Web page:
Is your spouse physically rough or violent with you or your children? Have you ever felt threatened or physically uncomfortable in your own home due to your spouse’s behavior or threatening attitude?
Domestic abuse is a serious problem, and living in an abusive marriage can feel like being trapped inside your own prison. Many relationships that begin well descend into a downward spiral and become abusive, violent and dangerous.
It’s important to be able to recognize violent – or potentially violent – behavior in a partner. It’s also important to know when and how to act, and to understand your legal options for protecting yourself and your family.
In this blog post, we’ll explain how you can identify relationship violence in your marriage, what steps you should take to protect yourself and your children and a long-term solution to end your marriage and restart your personal life.
What is violent and dangerous behavior?
Violence doesn’t necessarily need to be physical. Many people who have ever been threatened by a spouse (or even those who’ve been emotionally abused) may have been affected by relationship violence.
Most people associate violence with punching, kicking and slapping – the type of violence we’re used to seeing on TV and in movies. But violence in relationships takes a wide variety of forms, including:
- Threatening behavior, such as making threats to hurt you or your child (or even another person) due to their behavior or attitude
- Sexual violence, such as your spouse attempting to force you to do something sexual against your will
- Physical violence, such as slapping, hitting, kicking and using objects to hurt you, your children or someone else
- Emotional abuse and manipulation, such as intentionally locking you out of aspects of your life that are important to you
You’re the best judge of your relationship, and if you ever feel uncomfortable in your relationship or threatened, trust your own judgment. A violent partner can often be a serious threat to your safety, and it’s best to act if you feel unsafe in your home.
How to protect yourself from a violent partner
Relationship violence can occur at any time, even after years of happy marriage. It may be triggered by a change in your partner’s personality or personal situation, a shared financial problem or a dependency on drugs or alcohol.
Whatever the cause of the violence in your relationship, it’s important to take steps to protect yourself from a violent partner. Trust your instincts – if you feel unsafe in your relationship, it’s best to take action immediately to make sure you are safe.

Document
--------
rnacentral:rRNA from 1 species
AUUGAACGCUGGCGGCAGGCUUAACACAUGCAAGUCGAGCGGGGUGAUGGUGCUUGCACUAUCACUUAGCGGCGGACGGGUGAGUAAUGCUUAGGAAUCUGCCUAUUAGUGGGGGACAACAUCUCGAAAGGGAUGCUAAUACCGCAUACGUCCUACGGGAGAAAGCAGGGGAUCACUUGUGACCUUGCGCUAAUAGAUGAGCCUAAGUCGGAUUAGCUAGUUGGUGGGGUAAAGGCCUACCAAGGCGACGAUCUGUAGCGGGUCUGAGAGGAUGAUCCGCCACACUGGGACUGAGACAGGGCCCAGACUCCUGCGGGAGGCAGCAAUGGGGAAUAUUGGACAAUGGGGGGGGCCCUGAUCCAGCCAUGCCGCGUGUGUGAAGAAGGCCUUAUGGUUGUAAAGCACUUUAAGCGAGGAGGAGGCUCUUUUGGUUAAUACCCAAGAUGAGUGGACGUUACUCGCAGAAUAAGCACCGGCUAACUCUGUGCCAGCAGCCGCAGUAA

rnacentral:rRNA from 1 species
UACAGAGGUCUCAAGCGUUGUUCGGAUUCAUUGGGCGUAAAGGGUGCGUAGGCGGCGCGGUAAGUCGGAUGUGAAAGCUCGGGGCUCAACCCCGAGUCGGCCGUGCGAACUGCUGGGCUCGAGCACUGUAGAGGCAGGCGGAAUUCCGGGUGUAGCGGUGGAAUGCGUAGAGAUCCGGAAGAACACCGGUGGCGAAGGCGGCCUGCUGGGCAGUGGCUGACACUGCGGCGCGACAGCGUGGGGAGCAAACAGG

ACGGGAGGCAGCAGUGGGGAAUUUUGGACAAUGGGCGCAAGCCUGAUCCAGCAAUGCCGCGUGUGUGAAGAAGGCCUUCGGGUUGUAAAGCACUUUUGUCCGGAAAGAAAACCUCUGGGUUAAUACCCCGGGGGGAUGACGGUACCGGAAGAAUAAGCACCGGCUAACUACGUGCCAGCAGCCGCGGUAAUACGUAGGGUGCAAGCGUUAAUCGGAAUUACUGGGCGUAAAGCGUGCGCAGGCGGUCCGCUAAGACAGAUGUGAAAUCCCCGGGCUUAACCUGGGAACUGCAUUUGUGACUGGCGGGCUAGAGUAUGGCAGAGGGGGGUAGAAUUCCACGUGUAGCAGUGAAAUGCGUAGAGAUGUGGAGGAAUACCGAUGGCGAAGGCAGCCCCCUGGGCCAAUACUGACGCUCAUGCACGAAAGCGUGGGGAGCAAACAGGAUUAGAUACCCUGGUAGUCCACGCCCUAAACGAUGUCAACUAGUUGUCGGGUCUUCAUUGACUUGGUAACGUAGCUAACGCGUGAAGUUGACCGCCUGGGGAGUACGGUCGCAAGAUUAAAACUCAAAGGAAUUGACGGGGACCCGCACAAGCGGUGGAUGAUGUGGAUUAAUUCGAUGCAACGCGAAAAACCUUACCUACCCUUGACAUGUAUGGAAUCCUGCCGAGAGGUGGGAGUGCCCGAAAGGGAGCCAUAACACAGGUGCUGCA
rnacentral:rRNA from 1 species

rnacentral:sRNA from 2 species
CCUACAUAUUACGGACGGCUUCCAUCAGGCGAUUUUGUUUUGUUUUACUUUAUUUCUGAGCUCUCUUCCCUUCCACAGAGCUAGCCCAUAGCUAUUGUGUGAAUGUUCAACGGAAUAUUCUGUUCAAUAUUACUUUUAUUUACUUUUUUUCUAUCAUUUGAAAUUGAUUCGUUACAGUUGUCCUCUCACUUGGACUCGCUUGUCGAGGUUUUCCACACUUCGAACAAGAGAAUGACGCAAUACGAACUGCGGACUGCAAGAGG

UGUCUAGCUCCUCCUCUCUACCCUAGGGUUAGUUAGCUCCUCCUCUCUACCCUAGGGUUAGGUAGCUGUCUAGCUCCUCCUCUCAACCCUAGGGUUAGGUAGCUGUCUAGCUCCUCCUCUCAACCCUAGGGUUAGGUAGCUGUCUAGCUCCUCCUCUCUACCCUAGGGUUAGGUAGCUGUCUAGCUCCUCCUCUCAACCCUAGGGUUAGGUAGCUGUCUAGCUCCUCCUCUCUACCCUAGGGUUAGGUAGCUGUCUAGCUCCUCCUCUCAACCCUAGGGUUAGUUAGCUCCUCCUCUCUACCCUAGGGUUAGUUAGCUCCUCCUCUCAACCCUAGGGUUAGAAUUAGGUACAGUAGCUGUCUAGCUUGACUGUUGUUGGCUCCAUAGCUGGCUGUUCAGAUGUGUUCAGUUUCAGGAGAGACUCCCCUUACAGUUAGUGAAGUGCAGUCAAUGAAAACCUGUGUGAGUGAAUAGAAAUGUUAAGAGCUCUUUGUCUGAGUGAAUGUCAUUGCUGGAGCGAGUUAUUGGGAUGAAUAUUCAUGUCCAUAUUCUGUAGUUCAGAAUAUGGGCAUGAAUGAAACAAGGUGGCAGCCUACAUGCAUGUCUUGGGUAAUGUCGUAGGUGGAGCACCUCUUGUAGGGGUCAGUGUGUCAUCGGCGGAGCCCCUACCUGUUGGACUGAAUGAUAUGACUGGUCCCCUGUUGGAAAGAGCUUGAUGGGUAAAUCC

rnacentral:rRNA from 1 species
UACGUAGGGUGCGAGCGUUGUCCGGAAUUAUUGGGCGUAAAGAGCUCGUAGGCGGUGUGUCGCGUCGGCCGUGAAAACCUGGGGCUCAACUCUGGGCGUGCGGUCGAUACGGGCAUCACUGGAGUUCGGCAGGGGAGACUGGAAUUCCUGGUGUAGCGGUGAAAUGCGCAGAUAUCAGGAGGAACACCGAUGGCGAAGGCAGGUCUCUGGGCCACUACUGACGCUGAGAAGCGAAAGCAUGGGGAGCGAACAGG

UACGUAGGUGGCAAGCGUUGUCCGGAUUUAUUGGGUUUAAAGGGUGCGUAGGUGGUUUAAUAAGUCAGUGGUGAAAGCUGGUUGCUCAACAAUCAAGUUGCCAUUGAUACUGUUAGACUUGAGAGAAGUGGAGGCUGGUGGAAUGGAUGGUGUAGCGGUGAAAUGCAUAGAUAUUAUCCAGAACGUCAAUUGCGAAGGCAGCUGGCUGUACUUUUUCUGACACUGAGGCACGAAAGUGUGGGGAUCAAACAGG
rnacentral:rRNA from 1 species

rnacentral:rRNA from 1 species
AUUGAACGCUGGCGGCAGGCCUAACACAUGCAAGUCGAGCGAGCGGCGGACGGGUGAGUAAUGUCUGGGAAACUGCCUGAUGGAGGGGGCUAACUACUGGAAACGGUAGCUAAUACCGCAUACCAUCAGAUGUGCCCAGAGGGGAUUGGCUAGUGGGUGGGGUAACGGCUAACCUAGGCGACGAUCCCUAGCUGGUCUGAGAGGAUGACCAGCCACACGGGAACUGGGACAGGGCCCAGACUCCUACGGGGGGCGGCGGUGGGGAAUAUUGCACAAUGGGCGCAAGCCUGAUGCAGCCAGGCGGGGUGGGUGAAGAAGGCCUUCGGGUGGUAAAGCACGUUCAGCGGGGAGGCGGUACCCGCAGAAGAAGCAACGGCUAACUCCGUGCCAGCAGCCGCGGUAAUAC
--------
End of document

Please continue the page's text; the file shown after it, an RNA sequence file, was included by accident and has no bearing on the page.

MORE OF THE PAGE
First, make a personal safety plan. The National Coalition Against Domestic Violence provides a detailed personal safety plan template online that you can use to create a plan of action in case your partner becomes violent, threatening or manipulative.
If you’re seriously concerned about your partner’s behavior, speak to a close friend or family member and let them know about your situation. It’s always easier to take action with someone by your side to support you in a difficult moment.
If you feel immediately threatened, contact the police and speak to an experienced family lawyer. The police will be able to prevent the immediate threat of violence, while an experienced lawyer will help you seek long-term change in your life.
When you recognize violence or abuse, act on it
All relationships have their ups and downs, and arguments are a normal part of the majority of marriages. You won’t agree with your spouse on everything, and there’s a possibility you may argue and fight (albeit not physically) during your marriage.
Many arguments and disagreements are a normal part of living together for a long time; after all, no two people are perfectly compatible. However, it’s important that you can recognize when a normal disagreement becomes a serious threat.
If you ever feel unsafe in your own home due to your partner, use the safety plan template linked above to give yourself an escape option. Although most marriages are calm and violence-free, it’s important to be prepared if things start getting bad.
When you recognize violence or abuse – whether emotional or physical – build up your confidence and take action. Sometimes, leaving at the right moment can be all it takes to prevent you from being the target of a violent attack or outburst.